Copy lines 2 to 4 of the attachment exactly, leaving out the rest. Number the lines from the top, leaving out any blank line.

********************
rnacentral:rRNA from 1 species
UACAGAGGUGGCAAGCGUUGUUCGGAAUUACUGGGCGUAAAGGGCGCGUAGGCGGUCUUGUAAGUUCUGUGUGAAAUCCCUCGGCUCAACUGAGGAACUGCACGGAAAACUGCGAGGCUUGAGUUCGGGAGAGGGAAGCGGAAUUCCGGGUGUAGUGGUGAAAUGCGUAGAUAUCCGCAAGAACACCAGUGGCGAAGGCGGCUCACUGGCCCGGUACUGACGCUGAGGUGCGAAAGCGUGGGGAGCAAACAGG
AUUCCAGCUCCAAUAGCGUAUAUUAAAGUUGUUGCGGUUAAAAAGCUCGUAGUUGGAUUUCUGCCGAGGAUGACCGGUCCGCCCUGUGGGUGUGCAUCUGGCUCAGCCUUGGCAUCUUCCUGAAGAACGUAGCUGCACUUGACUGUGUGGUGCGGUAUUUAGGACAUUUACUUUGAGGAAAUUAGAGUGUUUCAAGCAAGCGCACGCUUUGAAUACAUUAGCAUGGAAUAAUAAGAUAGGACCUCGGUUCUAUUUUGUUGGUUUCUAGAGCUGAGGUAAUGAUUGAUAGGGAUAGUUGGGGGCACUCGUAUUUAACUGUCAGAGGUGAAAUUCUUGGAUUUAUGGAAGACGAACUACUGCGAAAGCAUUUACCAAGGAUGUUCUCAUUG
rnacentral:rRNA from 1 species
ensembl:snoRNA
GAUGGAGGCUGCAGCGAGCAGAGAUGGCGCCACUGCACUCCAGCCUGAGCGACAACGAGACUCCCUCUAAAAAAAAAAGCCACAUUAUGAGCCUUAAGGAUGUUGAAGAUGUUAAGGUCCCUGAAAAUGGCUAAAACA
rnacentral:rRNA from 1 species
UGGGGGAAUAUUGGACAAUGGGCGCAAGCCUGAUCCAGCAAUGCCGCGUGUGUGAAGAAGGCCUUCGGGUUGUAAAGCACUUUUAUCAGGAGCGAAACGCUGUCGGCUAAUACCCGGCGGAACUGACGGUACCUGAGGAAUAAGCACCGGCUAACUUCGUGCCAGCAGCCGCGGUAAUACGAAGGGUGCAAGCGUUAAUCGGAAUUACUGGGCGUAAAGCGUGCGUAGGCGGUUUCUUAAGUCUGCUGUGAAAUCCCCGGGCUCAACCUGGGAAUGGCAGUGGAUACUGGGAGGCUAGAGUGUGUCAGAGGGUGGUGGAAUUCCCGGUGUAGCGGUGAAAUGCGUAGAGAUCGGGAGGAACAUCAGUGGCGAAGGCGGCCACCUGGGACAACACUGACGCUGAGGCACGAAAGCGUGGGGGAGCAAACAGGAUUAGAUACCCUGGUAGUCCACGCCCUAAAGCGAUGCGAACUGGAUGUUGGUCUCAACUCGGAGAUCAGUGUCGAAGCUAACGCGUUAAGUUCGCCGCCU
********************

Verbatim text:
UACAGAGGUGGCAAGCGUUGUUCGGAAUUACUGGGCGUAAAGGGCGCGUAGGCGGUCUUGUAAGUUCUGUGUGAAAUCCCUCGGCUCAACUGAGGAACUGCACGGAAAACUGCGAGGCUUGAGUUCGGGAGAGGGAAGCGGAAUUCCGGGUGUAGUGGUGAAAUGCGUAGAUAUCCGCAAGAACACCAGUGGCGAAGGCGGCUCACUGGCCCGGUACUGACGCUGAGGUGCGAAAGCGUGGGGAGCAAACAGG
AUUCCAGCUCCAAUAGCGUAUAUUAAAGUUGUUGCGGUUAAAAAGCUCGUAGUUGGAUUUCUGCCGAGGAUGACCGGUCCGCCCUGUGGGUGUGCAUCUGGCUCAGCCUUGGCAUCUUCCUGAAGAACGUAGCUGCACUUGACUGUGUGGUGCGGUAUUUAGGACAUUUACUUUGAGGAAAUUAGAGUGUUUCAAGCAAGCGCACGCUUUGAAUACAUUAGCAUGGAAUAAUAAGAUAGGACCUCGGUUCUAUUUUGUUGGUUUCUAGAGCUGAGGUAAUGAUUGAUAGGGAUAGUUGGGGGCACUCGUAUUUAACUGUCAGAGGUGAAAUUCUUGGAUUUAUGGAAGACGAACUACUGCGAAAGCAUUUACCAAGGAUGUUCUCAUUG
rnacentral:rRNA from 1 species